2- Wilders keeps on banging the drum that Greece should be kicked out of the euro; as a result the PvdA (Labour) challenges Wilders to stop supporting this minority cabinet or otherwise be silent,
3- Wilders now helps out a cabinet with a set of cutbacks that are contrary to his election promises, and seeks to divert attention,
4- the strategy of Wilders to divert attention was a full-out indecent and improper behaviour during yesterdays and todays Parliamentary discussions on budget and future strategy of the Dutch government (read the dutch report here).

My personal impression was that, as is often the case with narcist people, the words of Wilders said more of himself than of the subject or person at hand. And the fact that Wilders had to resort to so many unsubtleties shows two things:
- psychologically he has concluded - in his head - that with the acquittal of the penal court, he has firmly gained and established the right to freedom of speech and the right to express himself any way he likes; there is no stopping Geert now as he thinks the judge has now not only acquitted him, but also issued him a license to insult,
- politically, he is playing his old record/song (personal attacks, indecent inferrals and wording) louder and louder in order to gain attention from media and electorate; yet, now that he supports the government, the opposition is smart enough to point out to the people that Wilders is all talk, no action.

Effectively Wilders is eager to exercise his rights but never present when it comes to honouring obligations that come with the rights. So below I have listed some of his words, translated, to illustrate how Wilders uses his right to freedom of speech in Dutch parliament and ignores his obligation to show conduct an MP becoming. And do note that many other subtle hints in body language, tone and frasing, are untranslatable.

To Cohen, leader of the PvdA
-Well you can bleat all you want but at the end of the day you are the company poodle of this cabinet.
-I'll say it once again and it hurts, but you are the company poodle
-You are the toy dog, the poodle of the Cabinet.

To the chair of Parliament:
-Wilders (when meaning to talk to Cohen): ..you are the co-muddler of this government.
-Chair of Parliament: Mr Wilders you were going to try to talk via the chair of Parliament. I am not a co-muddler.
-Wilders: Not yet, so much is true.

About MP Peters (when characterizing Green Left as a 'beach-party' this summer:
.. and Mrs Peters was somewhere mixing up her interests (inuendo to an affair that became part of a public and political discussion).

To Mr Pechtold
I am not sure if there was a question, but let me try to answer this dhiarrea of Mr Pechtold..

About Secretary of state Albayrak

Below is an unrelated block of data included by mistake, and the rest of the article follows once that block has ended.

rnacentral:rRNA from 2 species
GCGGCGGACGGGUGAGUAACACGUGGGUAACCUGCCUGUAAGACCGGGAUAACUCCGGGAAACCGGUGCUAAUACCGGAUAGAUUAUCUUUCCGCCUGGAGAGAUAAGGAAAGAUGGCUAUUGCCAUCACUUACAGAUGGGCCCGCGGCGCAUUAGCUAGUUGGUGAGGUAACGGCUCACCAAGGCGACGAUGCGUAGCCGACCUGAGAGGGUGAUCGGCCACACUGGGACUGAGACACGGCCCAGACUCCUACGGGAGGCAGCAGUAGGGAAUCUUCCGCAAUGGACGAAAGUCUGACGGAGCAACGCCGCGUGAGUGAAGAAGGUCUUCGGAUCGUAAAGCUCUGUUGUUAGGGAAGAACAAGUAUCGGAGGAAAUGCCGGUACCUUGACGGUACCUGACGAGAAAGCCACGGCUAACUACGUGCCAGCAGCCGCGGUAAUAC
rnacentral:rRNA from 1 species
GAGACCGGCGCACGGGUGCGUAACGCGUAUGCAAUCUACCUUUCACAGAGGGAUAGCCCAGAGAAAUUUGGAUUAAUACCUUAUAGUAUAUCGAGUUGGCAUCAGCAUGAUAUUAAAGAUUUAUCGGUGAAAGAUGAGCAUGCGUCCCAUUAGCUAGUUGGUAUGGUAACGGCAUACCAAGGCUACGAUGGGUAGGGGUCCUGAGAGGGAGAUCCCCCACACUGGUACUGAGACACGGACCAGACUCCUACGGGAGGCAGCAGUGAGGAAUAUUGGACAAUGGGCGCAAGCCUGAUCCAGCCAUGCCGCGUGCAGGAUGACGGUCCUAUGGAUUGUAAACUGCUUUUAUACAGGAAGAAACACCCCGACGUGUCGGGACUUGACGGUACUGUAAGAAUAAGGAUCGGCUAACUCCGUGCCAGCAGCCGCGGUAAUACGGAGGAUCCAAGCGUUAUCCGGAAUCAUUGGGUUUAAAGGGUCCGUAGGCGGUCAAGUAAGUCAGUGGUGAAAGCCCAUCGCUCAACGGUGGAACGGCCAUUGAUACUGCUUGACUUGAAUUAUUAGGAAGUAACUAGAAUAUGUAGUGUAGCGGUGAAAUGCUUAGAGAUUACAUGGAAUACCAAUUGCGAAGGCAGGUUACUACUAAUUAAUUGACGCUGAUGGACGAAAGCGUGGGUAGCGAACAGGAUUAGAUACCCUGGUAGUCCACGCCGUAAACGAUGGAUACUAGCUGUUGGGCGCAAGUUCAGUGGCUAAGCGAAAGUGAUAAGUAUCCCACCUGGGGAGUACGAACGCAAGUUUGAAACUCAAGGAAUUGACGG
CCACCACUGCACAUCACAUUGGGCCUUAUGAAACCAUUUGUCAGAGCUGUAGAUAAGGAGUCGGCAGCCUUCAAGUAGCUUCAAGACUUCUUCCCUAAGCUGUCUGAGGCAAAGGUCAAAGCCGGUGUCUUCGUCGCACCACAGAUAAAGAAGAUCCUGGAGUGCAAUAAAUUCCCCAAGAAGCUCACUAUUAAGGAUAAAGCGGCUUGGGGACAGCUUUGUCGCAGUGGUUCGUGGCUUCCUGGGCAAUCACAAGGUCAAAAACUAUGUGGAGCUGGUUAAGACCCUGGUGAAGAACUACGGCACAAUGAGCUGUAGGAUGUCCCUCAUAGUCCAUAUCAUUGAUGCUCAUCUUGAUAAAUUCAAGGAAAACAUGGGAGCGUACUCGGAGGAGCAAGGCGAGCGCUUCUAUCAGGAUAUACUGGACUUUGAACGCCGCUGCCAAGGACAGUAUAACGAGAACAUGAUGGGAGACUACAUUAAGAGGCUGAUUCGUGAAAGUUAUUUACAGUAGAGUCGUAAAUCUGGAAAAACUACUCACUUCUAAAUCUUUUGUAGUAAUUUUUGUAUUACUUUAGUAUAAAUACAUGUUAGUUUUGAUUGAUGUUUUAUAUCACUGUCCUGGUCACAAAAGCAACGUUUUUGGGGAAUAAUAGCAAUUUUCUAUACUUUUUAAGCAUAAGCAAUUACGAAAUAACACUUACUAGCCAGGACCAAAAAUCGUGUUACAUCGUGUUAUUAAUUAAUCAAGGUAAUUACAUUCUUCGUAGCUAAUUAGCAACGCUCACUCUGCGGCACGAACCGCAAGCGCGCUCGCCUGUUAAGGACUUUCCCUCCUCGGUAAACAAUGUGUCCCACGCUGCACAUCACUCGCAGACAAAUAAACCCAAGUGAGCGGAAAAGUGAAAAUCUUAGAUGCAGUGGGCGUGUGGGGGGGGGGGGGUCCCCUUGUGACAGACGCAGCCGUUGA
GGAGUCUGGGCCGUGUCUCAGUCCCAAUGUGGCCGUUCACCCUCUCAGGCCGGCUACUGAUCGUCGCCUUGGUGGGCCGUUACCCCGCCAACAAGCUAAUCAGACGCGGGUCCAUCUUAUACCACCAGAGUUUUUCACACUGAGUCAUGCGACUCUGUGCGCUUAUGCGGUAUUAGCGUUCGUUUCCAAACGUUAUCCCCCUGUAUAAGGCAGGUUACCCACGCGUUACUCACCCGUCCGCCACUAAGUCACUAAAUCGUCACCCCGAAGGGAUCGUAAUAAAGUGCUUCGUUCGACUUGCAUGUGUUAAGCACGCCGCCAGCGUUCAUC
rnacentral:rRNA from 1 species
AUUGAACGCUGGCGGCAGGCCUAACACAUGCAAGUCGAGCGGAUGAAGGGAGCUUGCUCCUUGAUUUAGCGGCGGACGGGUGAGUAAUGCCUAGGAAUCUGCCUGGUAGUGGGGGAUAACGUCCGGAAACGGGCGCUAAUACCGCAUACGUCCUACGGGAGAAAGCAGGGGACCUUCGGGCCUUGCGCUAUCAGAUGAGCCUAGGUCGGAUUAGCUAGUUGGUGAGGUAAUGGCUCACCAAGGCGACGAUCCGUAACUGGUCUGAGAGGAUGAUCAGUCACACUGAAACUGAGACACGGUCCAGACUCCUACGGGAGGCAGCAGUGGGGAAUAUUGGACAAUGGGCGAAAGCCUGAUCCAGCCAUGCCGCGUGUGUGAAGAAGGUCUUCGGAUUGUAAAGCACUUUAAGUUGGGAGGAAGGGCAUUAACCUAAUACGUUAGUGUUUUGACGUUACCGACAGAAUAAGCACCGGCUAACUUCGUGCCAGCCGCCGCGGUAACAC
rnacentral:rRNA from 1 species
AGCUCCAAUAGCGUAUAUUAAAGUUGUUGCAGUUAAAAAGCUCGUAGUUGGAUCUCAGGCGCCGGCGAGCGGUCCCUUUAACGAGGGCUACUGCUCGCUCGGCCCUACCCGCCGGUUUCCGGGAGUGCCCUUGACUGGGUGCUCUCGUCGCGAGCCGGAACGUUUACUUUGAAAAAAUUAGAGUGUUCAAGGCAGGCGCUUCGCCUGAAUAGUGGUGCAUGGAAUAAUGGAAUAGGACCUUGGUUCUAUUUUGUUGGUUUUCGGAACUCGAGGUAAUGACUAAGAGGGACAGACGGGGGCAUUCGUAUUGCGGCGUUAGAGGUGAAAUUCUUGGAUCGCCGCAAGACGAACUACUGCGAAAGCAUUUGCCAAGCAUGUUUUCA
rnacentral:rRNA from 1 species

While Albayrak still recieved criminal strangers open armed, giving a general pardon away - I don't know if she did it in cooperation with her niece - we now really deal with criminal strangers.

To Green Left:
Objection noted. The Beach Party apparently does not agree.

About A director of a hospital
We have a concern with care-directors at the top (using the word bobo's which is a denigrating term for rich, ignorant directors).

About himself, when adressed about courtesey in parliament
We at the PVV enjoy a strong debate. One time it is courteous, the other time sharp and sometimes both. It's all part of the game and we will never change our ways.

Latest update: Wilders provoking the Minister President and parliament ignoring him
Yesterdays improper behaviour of Wilders resulted in 120 letters being sent to parliament. And some MPs, notable Roemer (Socialist Party) yesterday desired a written declaration of the Minister President Rutte on how he qualified the wording of Wilders. Prime Minister Rutte chose to do that at the end of todays session. And that was a solid choice, because a good discussion followed during todays session in parliament.

Until somewhere this afternoon Rutte denounced the wording of Wilders the day before and Wilders started rebutting, throwing in the remark (in sort of cockney style): 'Hey man, act normal.' So Wilders had chosen to increase the stakes by now provoking the Prime Minister. What then happened was quite interesting.

The chair of Parliament asked both Wilders and Rutte to behave and a discussion occured between members of parliament and Rutte on whether this verbal behaviour of Wilders was suitable. Rutte distanced himself completely from the wording of Wilders (yesterdays wording in particular) and explained: 'Well, we always knew this was a package deal. With Wilders we will get some support and because of the support we carry on as a government. But we also know his style to be provocative and at some times its best to not react and clearly state that this is unsuitable.'

Although Cohen outlined that this was too distanced a response by Rutte, the members of Parliament chose to discuss norms and behaviour at another time and to go on with the discussion. Also, the Minister President Rutte acknowlegded that as politicians we are struggling with how to deal with these provocations by Wilders. He literally said: "we know that the style of Wilders is to throw in some red meat in the arena sometimes". And having discussed the topic, VVD-leader Blok (who previously had outlined that he was not joining the debate because he had no intention to be provoked) simply suggested to move on. Which happened and was a new thing for this parliament.